Keeping Your Dog Warm in Cold Weather

While many dogs are well-equipped to handle harsh temperatures, they aren’t completely different than us when it comes to winter’s chill. Some painfully cold days are simply too intense for a dog to go outside, no matter the breed or length of coat. Like humans, dogs will sustain frostbite and hypothermia when left on ice for too long.

Feeling uncertain about taking your dog out into the cold day? Here are some tips for avoiding danger, and keeping them extra warm if a journey into the chill is necessary.

Dogs playing in the snow. one dog is wearing a sweater.

Different dogs follow different rules

As a dog owner may likely intuit, different dog breeds have different tolerances for cold (and hot) temperatures. Huskies are genetically designed to handle prolonged outings in cold weather, while Chihuahua’s will require additional layers when venturing into the snow. Though some of these differences are common sense, make sure to consult a vet or reputable online guide to determine your animal’s true outdoor limitations.

Dog clothing is not only for looks

While it’s certainly cute to see a pet parading around in miniature, human clothing, these layers are often useful in keeping animals comfortable through the winter. If your dog warrants extra caution in cold temperatures, consider buying them a cozy coat, or some practical boots to run in.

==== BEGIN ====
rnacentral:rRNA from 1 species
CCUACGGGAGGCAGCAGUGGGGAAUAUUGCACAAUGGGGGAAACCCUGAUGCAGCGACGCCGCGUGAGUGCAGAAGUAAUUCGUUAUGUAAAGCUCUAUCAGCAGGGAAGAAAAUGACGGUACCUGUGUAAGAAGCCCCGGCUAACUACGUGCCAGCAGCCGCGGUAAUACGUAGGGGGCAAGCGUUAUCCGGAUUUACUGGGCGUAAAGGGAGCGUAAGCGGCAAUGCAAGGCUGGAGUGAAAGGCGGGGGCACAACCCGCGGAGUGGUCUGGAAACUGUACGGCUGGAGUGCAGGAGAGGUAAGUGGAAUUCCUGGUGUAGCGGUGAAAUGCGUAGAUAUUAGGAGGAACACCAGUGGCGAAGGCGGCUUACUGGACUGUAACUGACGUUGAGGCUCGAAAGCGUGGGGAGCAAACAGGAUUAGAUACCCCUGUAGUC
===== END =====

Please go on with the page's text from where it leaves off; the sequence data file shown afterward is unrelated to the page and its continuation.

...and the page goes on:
Research weather and temperatures carefully

While one can easily notice their personal discomfort in the winter weather, the feeling of a cold day can vary greatly without new boots, a warm hat, and a thick scarf. Your dog often only has their fur and paws to protect them, and is therefore subjected to the ebbs and flows of winter days. Check the windchill and “real feel” for the day online to get an accurate idea of the weather, and make sure you are prepared for the added cold when the sun sets on a short winter afternoon.

Create an indoor or semi-indoor bathroom space

Sounds gross, right? In reality, there are many companies selling indoor pee mats that are both easy to clean and odorless. If your dog has trouble handling icy temps, give them a safe and comfortable plan B on the porch.

Look out for signs of discomfort

Rule number one when traveling through the cold with your dog is this: keep an eye on their behavior. In most cases, your dog will make it plain that they are suffering. Whimpering, seeking warm areas, slowing down, and shivering are all clear signs that your dog is uncomfortable. If you see any of these, bring them indoors. If symptoms persist, or if there is any concern of long lasting ramifications, consult a vet at once.

Winter can be an extremely enjoyable time to be a dog owner, so long as cold winter walks are prepared for. So, bundle up yourself and your dog, and go enjoy the snow!